Iran Seizes Nobel Winner Shirin Edabi’s Medal

  Iran has confiscated the Nobel peace medal and diploma of Shirin Ebadi, the human rights lawyer who is one of the hardline regime’s most outspoken critics. Her bank account has also been frozen on the pretext that she owes almost £250,000 in tax.

The seizure of the award, unprecedented in its 108-year history, caused outrage in Oslo, where the Nobel Peace Committee is based. The Norwegian Government summoned the Iranian envoy to protest, and the committee said that it would make a formal complaint.

“Such an act leaves us feeling shock and disbelief,” said Jonas Gahr Støre, the Norwegian Foreign Minister.

Geir Lundestad, secretary of the committee, said that Iran’s action was unacceptable. “A laureate has never been treated like that. In 2003 Dr Ebadi became the first Iranian and first Muslim woman to win the peace prize, which was awarded for her campaign for democracy and human rights.

She revealed the loss of her Nobel medal in an interview on Radio Farda, a US-backed Persian language station. She said that the regime had frozen her bank accounts and pension, as well as those of her husband, who is still in Tehran. She continued: “Even my Nobel and Légion d’honneur medals, my Freedom of Speech ring and other prizes, which were in my husband’s safe, have been confiscated.”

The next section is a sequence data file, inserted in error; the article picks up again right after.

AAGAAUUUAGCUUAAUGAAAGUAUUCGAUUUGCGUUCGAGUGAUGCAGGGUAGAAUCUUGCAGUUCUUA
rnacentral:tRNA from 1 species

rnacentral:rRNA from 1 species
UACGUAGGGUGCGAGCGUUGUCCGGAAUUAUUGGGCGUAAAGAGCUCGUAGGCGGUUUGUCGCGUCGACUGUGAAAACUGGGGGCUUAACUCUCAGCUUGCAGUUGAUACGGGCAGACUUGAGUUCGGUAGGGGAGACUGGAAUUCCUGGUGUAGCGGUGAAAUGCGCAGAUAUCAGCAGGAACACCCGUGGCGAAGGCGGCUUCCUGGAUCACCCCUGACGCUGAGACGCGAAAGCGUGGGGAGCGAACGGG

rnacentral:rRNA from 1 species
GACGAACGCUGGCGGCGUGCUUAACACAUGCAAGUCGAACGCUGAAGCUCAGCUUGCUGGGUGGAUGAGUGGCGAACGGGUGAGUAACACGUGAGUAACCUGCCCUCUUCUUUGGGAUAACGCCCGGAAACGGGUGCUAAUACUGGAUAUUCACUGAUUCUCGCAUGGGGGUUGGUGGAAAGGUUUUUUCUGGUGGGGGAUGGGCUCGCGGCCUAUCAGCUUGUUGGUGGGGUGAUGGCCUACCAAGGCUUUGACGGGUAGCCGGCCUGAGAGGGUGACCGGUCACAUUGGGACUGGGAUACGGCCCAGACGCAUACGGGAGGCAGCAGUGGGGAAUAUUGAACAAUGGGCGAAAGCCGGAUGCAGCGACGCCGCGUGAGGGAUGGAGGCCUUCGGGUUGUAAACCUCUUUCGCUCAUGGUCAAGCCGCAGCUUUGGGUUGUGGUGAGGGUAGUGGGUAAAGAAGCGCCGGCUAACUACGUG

Norwegian officials said that the medal had been taken from a bank deposit box.

Dr Ebadi, 62, told another interviewer: “They say I owe them $410,000 in back taxes because of the Nobel. It’s a complete lie, given that the Iranian fiscal law says that prizes are excluded.” The prize money was $1.4 million.

She said that she was trying to recover her property through legal means, but “so far, no judge has dared to review our complaint”.

The confiscation of Dr Ebadi’s prizes is only part of the regime’s campaign to silence her. It has closed her Centre for the Defence of Human Rights in Tehran and locked up three of her colleagues. She has been denounced in the state-controlled media and charged in absentia with conspiring against the State. Her husband was badly beaten this autumn and her apartment is said to have been seized.

In an interview with The Times in September Dr Ebadi said that the Intelligence Ministry had repeatedly interrogated her husband and brother, ordered them to shut her up and told them that it could track her down anywhere in the world. “In effect they have threatened me with death,” she said.

She insisted that she would continue to denounce the regime’s brutality — the shooting of innocent protesters, imprisonment, beating and torture of opponents — and the use of show trials and forced confessions. “Naturally the Iranian Government doesn’t want the world to know what’s happening in Iran, so it’s my duty to inform as many people as possible.”


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